Dr. Gray,
I like your vision of a world in which college education becomes more individualized and self-directed.
Yet I have to wonder when you say that there is growing evidence that there is relatively little learning going on there now during the college years (paraphrased).
I suppose I could believe this in the field of Journalism, for I keep waiting for an interviewer to respond to DT with "Is there a statement there?"
Yet in various technological fields the rate of innovation continues at a pace that even I, a fan of the scientific mode of thought at least, find somewhat disturbing. Intelligent robots were interesting and entertaining when I encountered them in science fiction in my youth; but I never dreamed that I might live to see the reality. Recently I heard that geneticists had succeeded in inserting a piece of genetic code into a bacterium that had no business being in any lifeforms on Earth ever. They did it just to see if they could do it.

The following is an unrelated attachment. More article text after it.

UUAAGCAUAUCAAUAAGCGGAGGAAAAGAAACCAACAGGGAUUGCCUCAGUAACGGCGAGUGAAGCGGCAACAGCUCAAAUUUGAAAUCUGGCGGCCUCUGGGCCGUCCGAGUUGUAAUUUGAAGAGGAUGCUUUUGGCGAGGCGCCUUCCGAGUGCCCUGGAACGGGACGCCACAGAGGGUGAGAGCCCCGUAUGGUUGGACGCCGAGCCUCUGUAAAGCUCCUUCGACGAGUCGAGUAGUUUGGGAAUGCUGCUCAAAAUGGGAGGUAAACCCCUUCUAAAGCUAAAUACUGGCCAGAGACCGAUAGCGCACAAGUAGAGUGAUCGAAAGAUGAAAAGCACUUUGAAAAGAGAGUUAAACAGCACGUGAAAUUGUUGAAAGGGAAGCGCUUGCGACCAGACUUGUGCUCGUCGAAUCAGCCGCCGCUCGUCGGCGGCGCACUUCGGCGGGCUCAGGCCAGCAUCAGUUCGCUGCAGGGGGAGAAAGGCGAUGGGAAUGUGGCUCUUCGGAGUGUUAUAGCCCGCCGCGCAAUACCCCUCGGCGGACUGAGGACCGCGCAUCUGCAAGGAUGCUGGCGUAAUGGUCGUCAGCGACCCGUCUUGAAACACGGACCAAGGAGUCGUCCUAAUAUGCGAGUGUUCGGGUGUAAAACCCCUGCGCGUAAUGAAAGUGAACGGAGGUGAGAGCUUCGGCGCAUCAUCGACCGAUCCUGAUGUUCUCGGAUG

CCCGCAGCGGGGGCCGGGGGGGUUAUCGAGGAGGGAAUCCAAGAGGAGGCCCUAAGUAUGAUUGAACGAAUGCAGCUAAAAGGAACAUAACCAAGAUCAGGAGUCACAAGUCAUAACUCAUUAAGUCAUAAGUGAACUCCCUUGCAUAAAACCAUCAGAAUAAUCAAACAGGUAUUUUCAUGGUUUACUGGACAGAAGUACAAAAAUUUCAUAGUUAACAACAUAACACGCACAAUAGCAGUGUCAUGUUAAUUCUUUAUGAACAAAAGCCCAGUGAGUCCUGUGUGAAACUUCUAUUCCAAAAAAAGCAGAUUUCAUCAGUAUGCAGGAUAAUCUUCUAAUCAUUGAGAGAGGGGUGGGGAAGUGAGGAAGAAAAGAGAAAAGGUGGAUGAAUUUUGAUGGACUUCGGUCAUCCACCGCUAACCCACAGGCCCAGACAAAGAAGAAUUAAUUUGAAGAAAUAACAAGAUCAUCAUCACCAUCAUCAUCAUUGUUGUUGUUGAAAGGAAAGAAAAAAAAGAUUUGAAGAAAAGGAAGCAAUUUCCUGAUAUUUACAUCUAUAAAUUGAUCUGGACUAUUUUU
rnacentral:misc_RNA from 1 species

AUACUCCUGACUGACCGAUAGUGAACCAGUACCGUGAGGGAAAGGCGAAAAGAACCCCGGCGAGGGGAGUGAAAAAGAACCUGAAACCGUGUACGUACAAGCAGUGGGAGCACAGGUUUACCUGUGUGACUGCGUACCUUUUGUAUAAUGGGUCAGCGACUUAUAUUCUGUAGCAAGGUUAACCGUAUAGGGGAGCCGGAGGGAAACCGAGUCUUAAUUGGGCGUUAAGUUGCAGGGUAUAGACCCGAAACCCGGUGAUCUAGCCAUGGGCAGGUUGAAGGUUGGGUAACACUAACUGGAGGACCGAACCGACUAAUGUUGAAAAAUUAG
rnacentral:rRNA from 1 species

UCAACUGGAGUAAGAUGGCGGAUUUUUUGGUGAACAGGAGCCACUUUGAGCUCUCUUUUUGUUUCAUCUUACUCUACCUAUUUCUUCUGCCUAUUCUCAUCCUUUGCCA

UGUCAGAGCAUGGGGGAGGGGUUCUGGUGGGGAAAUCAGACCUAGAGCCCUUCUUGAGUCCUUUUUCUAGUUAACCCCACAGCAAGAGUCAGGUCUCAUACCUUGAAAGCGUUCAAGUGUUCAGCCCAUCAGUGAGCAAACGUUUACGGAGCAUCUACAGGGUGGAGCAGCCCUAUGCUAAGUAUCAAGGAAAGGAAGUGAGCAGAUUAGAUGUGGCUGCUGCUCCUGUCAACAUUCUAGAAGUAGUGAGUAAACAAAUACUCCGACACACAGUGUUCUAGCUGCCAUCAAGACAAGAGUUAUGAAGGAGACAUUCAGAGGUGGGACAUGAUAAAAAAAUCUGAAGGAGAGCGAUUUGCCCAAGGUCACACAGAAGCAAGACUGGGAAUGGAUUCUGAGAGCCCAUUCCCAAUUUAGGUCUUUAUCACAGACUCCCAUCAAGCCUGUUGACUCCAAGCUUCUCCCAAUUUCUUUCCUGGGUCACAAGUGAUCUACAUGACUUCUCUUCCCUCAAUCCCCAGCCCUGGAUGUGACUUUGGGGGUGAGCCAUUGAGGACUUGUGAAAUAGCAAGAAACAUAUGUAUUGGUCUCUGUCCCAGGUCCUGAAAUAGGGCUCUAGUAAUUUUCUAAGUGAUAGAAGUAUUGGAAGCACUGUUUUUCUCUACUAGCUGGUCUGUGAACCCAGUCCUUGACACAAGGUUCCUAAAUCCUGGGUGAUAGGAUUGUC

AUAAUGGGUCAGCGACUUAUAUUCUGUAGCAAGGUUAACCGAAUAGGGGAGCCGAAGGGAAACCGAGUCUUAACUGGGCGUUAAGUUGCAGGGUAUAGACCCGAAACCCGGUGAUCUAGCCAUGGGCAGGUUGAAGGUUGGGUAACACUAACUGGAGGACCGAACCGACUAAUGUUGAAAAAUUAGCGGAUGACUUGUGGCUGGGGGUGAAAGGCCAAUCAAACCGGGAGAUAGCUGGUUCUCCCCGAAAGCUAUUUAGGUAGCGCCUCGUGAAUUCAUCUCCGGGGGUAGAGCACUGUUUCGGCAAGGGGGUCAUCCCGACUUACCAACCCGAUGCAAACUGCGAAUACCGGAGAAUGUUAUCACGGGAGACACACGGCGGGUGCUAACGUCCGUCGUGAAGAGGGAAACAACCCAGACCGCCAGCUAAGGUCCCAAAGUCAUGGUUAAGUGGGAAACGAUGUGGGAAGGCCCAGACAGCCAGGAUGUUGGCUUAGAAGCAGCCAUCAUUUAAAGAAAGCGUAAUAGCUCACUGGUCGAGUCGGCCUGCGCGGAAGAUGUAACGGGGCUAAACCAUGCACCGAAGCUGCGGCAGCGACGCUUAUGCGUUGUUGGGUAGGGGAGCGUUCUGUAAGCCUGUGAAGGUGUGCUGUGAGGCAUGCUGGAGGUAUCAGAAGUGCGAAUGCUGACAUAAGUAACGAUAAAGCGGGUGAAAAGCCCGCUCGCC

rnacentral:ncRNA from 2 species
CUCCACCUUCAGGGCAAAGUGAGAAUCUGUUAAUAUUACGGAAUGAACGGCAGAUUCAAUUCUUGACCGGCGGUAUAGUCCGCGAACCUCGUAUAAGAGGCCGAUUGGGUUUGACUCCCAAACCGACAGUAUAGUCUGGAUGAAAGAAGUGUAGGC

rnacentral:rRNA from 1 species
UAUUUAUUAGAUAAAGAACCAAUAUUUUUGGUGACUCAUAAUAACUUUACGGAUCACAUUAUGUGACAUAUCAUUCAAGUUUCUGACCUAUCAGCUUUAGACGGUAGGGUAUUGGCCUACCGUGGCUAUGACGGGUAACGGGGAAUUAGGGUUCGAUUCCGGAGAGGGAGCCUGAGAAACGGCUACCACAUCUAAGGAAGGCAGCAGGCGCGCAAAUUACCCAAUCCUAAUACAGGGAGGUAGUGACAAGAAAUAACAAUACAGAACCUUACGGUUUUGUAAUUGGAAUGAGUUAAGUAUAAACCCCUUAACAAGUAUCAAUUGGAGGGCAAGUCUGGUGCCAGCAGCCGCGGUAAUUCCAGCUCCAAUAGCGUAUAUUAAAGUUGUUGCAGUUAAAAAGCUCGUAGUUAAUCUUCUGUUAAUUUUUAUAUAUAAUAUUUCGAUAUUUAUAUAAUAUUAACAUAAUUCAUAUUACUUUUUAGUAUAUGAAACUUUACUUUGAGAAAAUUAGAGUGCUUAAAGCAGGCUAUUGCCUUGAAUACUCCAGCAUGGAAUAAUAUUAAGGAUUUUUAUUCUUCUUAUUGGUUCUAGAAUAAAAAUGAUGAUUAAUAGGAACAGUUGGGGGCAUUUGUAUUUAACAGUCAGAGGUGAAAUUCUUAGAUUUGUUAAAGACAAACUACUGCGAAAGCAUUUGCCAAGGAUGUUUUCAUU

I use these examples to show that I'm not exactly intending to pat the Colleges on the back for the good job they've been doing; I'm more inclined to think these are two examples of science gone awry. Still, in order to be able to do these things, you really have to know what you're doing, in terms of learning science and technology anyway. Where else could they be learning this if not at colleges and universities?